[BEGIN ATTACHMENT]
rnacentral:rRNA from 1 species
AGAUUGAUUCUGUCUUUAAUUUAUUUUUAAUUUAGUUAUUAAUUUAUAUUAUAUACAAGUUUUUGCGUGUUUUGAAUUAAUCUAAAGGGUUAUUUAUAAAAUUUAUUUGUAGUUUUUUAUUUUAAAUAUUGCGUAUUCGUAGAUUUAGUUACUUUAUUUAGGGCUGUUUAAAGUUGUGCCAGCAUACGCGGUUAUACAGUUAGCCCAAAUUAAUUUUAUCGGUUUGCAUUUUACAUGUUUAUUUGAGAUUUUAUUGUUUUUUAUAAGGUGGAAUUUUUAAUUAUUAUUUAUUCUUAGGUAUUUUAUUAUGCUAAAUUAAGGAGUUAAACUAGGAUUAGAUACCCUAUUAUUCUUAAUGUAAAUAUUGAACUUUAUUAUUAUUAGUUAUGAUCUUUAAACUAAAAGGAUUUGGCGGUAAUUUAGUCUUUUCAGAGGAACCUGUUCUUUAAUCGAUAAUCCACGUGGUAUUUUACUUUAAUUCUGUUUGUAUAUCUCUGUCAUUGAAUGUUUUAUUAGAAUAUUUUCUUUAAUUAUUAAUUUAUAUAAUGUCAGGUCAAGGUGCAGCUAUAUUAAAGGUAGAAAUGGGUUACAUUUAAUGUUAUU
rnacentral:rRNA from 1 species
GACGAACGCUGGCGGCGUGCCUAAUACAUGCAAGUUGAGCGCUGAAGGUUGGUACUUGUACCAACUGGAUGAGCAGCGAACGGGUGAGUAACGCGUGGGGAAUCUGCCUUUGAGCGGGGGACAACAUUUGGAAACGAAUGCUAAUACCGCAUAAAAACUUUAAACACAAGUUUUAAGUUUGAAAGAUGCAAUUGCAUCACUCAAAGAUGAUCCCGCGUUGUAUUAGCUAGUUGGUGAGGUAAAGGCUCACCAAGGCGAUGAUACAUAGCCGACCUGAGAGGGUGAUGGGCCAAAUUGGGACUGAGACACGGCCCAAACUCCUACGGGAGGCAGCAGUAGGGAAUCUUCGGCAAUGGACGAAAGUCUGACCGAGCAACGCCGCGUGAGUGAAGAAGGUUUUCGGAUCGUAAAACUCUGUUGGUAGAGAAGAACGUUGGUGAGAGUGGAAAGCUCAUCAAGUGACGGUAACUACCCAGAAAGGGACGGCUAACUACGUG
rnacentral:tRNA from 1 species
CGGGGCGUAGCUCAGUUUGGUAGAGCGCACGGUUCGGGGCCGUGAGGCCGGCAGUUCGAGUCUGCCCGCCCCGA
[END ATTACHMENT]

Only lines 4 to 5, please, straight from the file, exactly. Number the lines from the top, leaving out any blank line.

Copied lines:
GACGAACGCUGGCGGCGUGCCUAAUACAUGCAAGUUGAGCGCUGAAGGUUGGUACUUGUACCAACUGGAUGAGCAGCGAACGGGUGAGUAACGCGUGGGGAAUCUGCCUUUGAGCGGGGGACAACAUUUGGAAACGAAUGCUAAUACCGCAUAAAAACUUUAAACACAAGUUUUAAGUUUGAAAGAUGCAAUUGCAUCACUCAAAGAUGAUCCCGCGUUGUAUUAGCUAGUUGGUGAGGUAAAGGCUCACCAAGGCGAUGAUACAUAGCCGACCUGAGAGGGUGAUGGGCCAAAUUGGGACUGAGACACGGCCCAAACUCCUACGGGAGGCAGCAGUAGGGAAUCUUCGGCAAUGGACGAAAGUCUGACCGAGCAACGCCGCGUGAGUGAAGAAGGUUUUCGGAUCGUAAAACUCUGUUGGUAGAGAAGAACGUUGGUGAGAGUGGAAAGCUCAUCAAGUGACGGUAACUACCCAGAAAGGGACGGCUAACUACGUG
rnacentral:tRNA from 1 species